They possess an incredibly low self-discharge rate. Would you believe they retain up to 90% of their charge even after a year of storage? It’s true! With a shelf life of 7 to 10 years, they are our unwavering allies, providing consistent power when needed.
Everything You Need to Know About the 18650 Battery
This article tells you everything you need to know about 18650 batteries. We’ll talk about different types, features, charging, lifespans, and our recommendations for batteries and chargers.
- What is an 18650?
- Recommended 18650 Batteries
- Various Battery Sizes
- Comparing 18650s to Other Common Batteries
- 18650 Terminology
- Protected vs Unprotected 18650 Batteries?
- How much power does an 18650 have?
- How many times can you recharge an 18650 or other battery?
- How frequently should I recharge my 18650?
- How do I know my 18650 is Dying?
- How can I measure the quality of an 18650 if I am unsure of the age of a battery?
- 18650 Battery Chemistry
- What are 18650 batteries used for?
- What is the best travel 18650 battery?
- What 18650 Brands are Best?
What is an 18650?
An 18650 is a lithium ion rechargeable battery. Their proper name is “18650 cell”. The 18650 cell has voltage of 3.7v and has between 1800mAh and 3500mAh (mili-amp-hours).
18650s may have a voltage range between 2.5 volts and 4.2 volts, or a charging voltage of 4.2 volts, but the nominal voltage of a standard 18650 is 3.7 volts.
There are two types; protected and unprotected. We absolutely recommend protected cell 18650 batteries. Protected cells include a protection circuit that stops the cell from being overcharged.
Unprotected cells can be overcharged and burst and potentially cause a fire unless there are specific electronics to protect the battery. The popular LG HG2 and INR and Samsung 25r and 35e are UNPROTECTED batteries, only use them in a device designed to use unprotected 18650s.
We also recommend you stick with high quality brand name 18650s. Knock offs may lie about high mAh (capacity).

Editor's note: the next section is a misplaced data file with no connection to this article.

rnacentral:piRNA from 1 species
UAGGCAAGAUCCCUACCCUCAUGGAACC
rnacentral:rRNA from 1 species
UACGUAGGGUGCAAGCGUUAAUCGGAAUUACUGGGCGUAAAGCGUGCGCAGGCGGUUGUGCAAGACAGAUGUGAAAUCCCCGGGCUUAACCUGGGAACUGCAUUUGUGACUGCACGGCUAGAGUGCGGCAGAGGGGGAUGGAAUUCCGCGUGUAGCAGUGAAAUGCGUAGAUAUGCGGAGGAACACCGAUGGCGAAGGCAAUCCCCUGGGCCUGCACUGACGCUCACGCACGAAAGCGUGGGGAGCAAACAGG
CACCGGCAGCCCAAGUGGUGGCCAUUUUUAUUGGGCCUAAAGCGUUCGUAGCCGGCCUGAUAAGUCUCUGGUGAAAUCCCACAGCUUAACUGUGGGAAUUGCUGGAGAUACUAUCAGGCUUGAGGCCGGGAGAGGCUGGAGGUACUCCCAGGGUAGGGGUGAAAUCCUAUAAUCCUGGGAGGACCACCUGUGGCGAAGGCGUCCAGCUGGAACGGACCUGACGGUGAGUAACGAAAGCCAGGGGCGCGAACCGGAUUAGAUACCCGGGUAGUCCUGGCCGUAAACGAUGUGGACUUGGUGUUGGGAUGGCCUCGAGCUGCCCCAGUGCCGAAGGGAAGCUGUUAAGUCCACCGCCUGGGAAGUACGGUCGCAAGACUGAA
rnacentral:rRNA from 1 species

The average 18650 battery charge time is about 4 hours. Charge time can vary with amperage and voltage of the charger and the battery type.
Recommended 18650 Batteries
|Battery Make and TypeAll are 3.7v Lithium Ion (Li-ion)
|Max Milliamp hours
|NotesShop around for best price
|Orbtronic 18650 Protected #ORB3500P
|Only available direct from vendorgood price
|Olight ORB-186C35 Protected #ORB-186C35
|Nitecore 18650 NL1835RProtected #NL1835R
|Good for travel, expensive.Has micro-USB charger port so it can charge itself with a cable/USB port
|Panasonic NCR18650BD ButtonProtected#NCR18650-BD
|Less expensive PROTECTED and good for high drain devices.
|Panasonic NCR 18650 3400mAh NOT PROTECTED#NCR18650B-3400
|Less expensive but is NOT PROTECTED. Use carefully.
|Panasonic NCR18650BE NOT PROTECTED#NCR18650BE-3200
|Less expensive but isNOT PROTECTED. Use carefully.
Various Battery Sizes
The following is a picture showing various battery sizes. The 18650 is 1170 cubic mm, the 14500 and AA are 700 cubic mm, the AAA is 467 cubic mm.
Note the 14500’s cannot be used in all AA devices unless they support both 3.7 and 1.5 volt batteries. The 21700 at 1550 cubic mm, is larger than the 18650 battery – the 21700 and 18650 is not interchangeable.
A battery might say protected mode 3.7v 18650 3000 mAh low self discharge for high drain devices. What does that all these features mean?
- “protected mode” means it has an overcharge and overdraw circuit protection built in (more info below).